# Charlieplexed Arduino 8×8 LED Grid Display Shield made and simulated in 123D Circuits

Contents

edit: Wow, this won an awesome prize! Very many thanks guys!

Charlieplexing (http://wealoneonearth.blogspot.nl/2013/03/design-note-charlieplexing-led-matrices.html) is a powerful method for driving a large number of LEDs from a relatively small amount of IO pin and without using any extra components. The technique makes use of the fact that a LED will only let current through in one direction. So if you connect two LEDs to two IO pins, both reversed in direction, you can make the first LED light up by making one pin low and the other high. To make to other LED light, make the pin low which was high first and vice versa. Adding more LEDs to the system, you will be able to drive x2-x LEDs, where x is the number of IO pins you are using. So using 3 pins, you can use (32-3=9-3=) 6 LEDs, and using 9 pins, this increases to (92-9=81-9=) 72 LEDs.
Wanting to figure out how this method worked, but not having the parts around, I used the 123D Circuit  website to make a simulation. Added bonus is that I could easily turn the simulation into a PCB for the production of an Arduino shield. The shield can be used as a simple display with 8×8 pixels. I wrote the software so that you can animate the frames yourself in binary code. Check it out in the following video. The blinking of the LEDs unfortunately is very faint in the software, but you’ll see it if you look closely.

See the schematics and simulation here: http://123d.circuits.io/circuits/102918-charlieplexed-arduino-8×8-led-grid-display-shield

## Step 1: Make the (breadboardless) circuit

As described in the charlieplexing article  a specific wiring is needed to get the right effect. First Arduino pin goes to all the – pins of the LEDS on the first row, the + pins of these LEDs go to Arduino pin 2, 3, 4 etc. The second Arduino pin goes to all the – pins of the LEDS on the second row, the + pins of these LEDs go to Arduino pin 1, 3, 4 etc. And so on for all the other pins.

First add the nine current limiting resistors at the pins of the Arduino. In the software I gave them a value of 100 Ohm, but in reality, 10 Ohm or even no resistor is preferred. This is because each LED will flash only very shortly, so it isn’t at much risk for burning up.

The work in 123D is very tedious, so after the resistors start with duplicating a whole lot of LEDs in a grid. I started with red LEDs, but later on I found that the blinking of green was more visible in the software, so I changed them all.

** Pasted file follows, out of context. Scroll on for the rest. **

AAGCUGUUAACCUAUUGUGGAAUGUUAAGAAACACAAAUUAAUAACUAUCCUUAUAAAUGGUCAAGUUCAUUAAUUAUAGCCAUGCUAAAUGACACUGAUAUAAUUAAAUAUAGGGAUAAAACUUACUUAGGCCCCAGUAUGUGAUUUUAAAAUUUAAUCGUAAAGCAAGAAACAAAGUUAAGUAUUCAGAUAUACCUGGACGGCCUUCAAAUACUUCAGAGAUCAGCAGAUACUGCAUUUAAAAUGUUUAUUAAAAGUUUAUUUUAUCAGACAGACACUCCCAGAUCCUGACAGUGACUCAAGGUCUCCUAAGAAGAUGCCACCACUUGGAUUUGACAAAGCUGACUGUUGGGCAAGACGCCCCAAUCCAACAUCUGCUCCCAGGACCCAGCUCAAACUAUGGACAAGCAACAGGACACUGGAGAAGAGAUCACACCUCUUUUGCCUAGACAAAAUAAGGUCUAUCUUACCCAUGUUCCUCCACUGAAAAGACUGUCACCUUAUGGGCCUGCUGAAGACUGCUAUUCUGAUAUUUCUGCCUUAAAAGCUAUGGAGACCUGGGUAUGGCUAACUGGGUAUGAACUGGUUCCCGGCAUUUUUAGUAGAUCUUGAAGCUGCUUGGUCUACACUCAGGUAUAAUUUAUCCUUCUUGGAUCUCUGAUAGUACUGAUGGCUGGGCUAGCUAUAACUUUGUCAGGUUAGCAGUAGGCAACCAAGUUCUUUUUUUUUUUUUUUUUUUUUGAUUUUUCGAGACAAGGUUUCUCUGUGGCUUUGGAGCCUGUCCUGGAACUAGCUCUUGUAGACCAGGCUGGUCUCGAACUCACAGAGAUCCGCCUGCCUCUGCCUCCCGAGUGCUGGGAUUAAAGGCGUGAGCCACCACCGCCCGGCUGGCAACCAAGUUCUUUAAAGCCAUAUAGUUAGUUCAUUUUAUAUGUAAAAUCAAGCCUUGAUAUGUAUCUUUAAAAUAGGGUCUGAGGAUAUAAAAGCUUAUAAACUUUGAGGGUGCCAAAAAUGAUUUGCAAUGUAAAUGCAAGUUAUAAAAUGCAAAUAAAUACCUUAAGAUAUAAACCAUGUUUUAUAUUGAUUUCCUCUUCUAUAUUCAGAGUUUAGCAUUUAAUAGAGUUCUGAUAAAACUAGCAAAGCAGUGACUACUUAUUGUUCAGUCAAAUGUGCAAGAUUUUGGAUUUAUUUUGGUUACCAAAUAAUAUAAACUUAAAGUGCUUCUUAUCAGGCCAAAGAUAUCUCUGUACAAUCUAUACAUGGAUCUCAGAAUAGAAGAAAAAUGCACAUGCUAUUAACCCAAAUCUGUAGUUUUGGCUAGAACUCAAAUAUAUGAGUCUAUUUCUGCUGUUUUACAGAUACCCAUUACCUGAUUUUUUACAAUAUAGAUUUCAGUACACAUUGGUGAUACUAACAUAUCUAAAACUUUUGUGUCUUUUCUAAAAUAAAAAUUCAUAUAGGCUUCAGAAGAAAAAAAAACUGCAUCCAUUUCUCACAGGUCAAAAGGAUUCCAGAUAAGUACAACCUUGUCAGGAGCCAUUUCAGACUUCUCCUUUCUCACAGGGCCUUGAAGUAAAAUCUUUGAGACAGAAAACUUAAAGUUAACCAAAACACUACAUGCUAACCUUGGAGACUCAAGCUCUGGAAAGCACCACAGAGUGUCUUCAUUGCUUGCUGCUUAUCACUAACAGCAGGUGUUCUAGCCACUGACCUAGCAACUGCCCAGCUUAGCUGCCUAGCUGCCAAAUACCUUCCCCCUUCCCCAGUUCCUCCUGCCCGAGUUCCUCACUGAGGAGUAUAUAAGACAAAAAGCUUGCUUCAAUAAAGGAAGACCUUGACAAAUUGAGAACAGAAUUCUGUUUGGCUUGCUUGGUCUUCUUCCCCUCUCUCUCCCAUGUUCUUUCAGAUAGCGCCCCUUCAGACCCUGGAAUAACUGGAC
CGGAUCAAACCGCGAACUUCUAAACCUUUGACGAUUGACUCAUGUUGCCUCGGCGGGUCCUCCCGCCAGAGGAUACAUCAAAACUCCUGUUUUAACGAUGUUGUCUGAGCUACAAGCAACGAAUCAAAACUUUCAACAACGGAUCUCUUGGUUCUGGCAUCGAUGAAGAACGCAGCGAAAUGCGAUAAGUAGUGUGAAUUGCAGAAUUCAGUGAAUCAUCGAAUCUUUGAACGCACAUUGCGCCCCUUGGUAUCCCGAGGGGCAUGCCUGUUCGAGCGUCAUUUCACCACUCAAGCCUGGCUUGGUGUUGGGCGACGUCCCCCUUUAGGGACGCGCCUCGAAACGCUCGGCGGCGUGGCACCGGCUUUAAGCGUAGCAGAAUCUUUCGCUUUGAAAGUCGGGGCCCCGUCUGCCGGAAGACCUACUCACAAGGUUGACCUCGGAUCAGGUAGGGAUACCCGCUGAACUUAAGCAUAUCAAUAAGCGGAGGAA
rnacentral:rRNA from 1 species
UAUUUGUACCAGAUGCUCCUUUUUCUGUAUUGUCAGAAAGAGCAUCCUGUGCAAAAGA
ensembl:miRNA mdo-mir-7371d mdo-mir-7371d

With the leds in place, start wiring. This needs to be done very neatly, or else you will lose track of everything. I started with all the direct connections of each resistor horizontally, followed by the connections vertically.

With this done, we can work on the code!

## Step 2: Code

The code has four main parts:

1. The animation frames
2. The charlieplexing mapping
3. The loop
4. The led handler

1 The animation frames

To make it easy to program what is shown on our little display, I’ve made the code so you can just type in whatever you want displayed like what is shown in the next lines. 1 means that the light is on and 0 off. The B character is meant to Arduino knows it is binary code instead of one thousand hunder etc. etc.

```{
B10101010,
B10101010,
B10101010,
B10101010,
B10101010,
B10101010,
B10101010,
B10101010
},
{
B11111111,
B00000000,
B11111111,
B00000000,
B11111111,
B00000000,
B11111111,
B00000000
}```

2 The charlieplexing mapping

This is an array indicating which pins need to be connected to each other. The beauty of this table is that you can still make this same device work, even if you have made mistakes in wiring or have some other IO pins in use. If so, just change the values in the array!

3 The loop

The loop does nothing more than changing the frame number after a set amount of time. It calls the led handler as often as possible as to avoid flicker. You could easily combine the program with something else by just adding it here.

4 The led handler

This is where the magic happens. Basically, it steps through every LED, and checks if the current animation frame wants it on or off. Something which was hard to grasp for me earlier, was the bitlogic used to do this check. If you don’t get the explanation at the comments, try this tutorial: http://arduino.cc/en/Tutorial/BitMask

## About The Author

### Ibrar Ayyub

I am an experienced technical writer holding a Master's degree in computer science from BZU Multan, Pakistan University. With a background spanning various industries, particularly in home automation and engineering, I have honed my skills in crafting clear and concise content. Proficient in leveraging infographics and diagrams, I strive to simplify complex concepts for readers. My strength lies in thorough research and presenting information in a structured and logical format.

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